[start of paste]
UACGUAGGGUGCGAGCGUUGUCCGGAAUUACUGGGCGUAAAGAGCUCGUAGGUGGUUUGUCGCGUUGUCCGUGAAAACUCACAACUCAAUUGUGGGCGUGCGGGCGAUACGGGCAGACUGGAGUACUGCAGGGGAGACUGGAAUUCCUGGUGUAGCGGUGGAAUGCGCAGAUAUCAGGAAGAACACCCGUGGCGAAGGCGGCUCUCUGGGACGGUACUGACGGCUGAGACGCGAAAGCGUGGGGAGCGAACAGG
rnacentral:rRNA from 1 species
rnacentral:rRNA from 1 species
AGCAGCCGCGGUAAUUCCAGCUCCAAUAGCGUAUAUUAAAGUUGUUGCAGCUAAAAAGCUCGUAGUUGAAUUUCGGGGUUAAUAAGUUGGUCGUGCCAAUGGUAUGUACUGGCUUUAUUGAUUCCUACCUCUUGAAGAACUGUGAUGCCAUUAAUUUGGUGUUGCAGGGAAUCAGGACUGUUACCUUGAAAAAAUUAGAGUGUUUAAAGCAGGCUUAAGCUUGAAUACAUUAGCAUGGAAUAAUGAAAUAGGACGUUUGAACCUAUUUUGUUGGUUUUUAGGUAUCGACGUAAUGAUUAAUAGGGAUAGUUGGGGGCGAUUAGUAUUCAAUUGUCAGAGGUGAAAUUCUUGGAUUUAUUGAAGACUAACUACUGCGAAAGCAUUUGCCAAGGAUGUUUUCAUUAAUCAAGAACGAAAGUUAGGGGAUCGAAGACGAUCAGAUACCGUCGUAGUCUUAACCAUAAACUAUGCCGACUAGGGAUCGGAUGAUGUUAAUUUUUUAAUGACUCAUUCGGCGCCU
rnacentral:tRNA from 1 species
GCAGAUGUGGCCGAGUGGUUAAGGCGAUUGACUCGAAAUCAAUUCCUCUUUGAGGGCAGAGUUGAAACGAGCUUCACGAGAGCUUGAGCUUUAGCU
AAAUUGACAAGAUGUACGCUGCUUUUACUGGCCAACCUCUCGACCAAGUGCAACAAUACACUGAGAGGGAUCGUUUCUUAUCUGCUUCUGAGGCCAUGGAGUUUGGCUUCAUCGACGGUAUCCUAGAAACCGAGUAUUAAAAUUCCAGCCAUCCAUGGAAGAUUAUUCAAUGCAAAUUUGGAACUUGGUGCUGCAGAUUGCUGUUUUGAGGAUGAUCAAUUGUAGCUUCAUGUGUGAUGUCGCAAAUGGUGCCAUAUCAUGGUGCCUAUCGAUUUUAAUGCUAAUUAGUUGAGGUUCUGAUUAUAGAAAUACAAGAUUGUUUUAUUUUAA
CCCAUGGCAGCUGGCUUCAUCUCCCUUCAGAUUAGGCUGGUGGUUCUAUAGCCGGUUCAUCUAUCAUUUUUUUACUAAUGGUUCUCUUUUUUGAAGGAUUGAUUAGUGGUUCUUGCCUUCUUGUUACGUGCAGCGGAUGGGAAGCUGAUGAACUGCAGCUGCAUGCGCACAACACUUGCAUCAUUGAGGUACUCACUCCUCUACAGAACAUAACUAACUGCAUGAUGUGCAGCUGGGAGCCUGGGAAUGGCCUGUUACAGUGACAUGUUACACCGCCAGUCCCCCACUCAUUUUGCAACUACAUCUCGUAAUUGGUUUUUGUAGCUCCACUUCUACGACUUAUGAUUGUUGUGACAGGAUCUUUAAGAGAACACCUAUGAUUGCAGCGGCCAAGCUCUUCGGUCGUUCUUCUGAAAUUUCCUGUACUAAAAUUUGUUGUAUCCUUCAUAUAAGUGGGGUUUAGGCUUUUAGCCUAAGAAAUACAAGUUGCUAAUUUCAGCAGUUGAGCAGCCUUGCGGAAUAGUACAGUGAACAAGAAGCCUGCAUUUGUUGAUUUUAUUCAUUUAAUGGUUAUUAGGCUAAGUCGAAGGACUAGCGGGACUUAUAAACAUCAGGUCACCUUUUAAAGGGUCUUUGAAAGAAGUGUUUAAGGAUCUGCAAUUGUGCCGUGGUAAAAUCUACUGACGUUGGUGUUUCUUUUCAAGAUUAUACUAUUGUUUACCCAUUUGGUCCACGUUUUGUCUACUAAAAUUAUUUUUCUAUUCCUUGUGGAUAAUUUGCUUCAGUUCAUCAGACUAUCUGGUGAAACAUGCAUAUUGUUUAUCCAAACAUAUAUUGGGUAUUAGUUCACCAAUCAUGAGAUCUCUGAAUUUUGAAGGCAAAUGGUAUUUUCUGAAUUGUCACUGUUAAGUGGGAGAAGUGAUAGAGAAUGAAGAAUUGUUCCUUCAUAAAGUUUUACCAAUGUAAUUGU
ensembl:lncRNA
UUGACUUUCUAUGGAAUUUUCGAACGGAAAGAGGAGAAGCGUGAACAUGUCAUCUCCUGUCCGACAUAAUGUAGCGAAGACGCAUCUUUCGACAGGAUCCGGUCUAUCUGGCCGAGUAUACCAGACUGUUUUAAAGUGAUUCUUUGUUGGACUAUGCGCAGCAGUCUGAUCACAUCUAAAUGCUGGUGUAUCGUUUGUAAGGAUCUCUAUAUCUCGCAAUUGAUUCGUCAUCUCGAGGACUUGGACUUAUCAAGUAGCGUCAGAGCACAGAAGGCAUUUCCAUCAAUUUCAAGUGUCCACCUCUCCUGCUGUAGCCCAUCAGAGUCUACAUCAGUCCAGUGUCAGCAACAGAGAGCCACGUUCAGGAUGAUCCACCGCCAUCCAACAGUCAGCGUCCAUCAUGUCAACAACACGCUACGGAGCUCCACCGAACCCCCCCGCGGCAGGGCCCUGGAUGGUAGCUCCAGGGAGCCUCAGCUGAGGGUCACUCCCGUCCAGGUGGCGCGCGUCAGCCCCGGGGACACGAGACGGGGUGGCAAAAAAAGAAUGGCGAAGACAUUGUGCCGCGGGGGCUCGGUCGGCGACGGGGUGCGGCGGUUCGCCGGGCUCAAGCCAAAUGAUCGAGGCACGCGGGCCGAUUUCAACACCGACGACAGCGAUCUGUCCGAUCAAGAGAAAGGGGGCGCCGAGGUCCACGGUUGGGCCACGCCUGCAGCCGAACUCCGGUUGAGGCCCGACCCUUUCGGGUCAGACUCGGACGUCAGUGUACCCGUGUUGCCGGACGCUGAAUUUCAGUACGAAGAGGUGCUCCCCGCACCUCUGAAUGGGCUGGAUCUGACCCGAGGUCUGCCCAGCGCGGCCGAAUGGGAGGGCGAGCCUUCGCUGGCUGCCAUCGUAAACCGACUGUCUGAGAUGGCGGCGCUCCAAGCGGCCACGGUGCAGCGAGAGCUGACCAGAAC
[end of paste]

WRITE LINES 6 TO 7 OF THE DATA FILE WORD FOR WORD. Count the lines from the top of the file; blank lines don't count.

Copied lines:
GCAGAUGUGGCCGAGUGGUUAAGGCGAUUGACUCGAAAUCAAUUCCUCUUUGAGGGCAGAGUUGAAACGAGCUUCACGAGAGCUUGAGCUUUAGCU
AAAUUGACAAGAUGUACGCUGCUUUUACUGGCCAACCUCUCGACCAAGUGCAACAAUACACUGAGAGGGAUCGUUUCUUAUCUGCUUCUGAGGCCAUGGAGUUUGGCUUCAUCGACGGUAUCCUAGAAACCGAGUAUUAAAAUUCCAGCCAUCCAUGGAAGAUUAUUCAAUGCAAAUUUGGAACUUGGUGCUGCAGAUUGCUGUUUUGAGGAUGAUCAAUUGUAGCUUCAUGUGUGAUGUCGCAAAUGGUGCCAUAUCAUGGUGCCUAUCGAUUUUAAUGCUAAUUAGUUGAGGUUCUGAUUAUAGAAAUACAAGAUUGUUUUAUUUUAA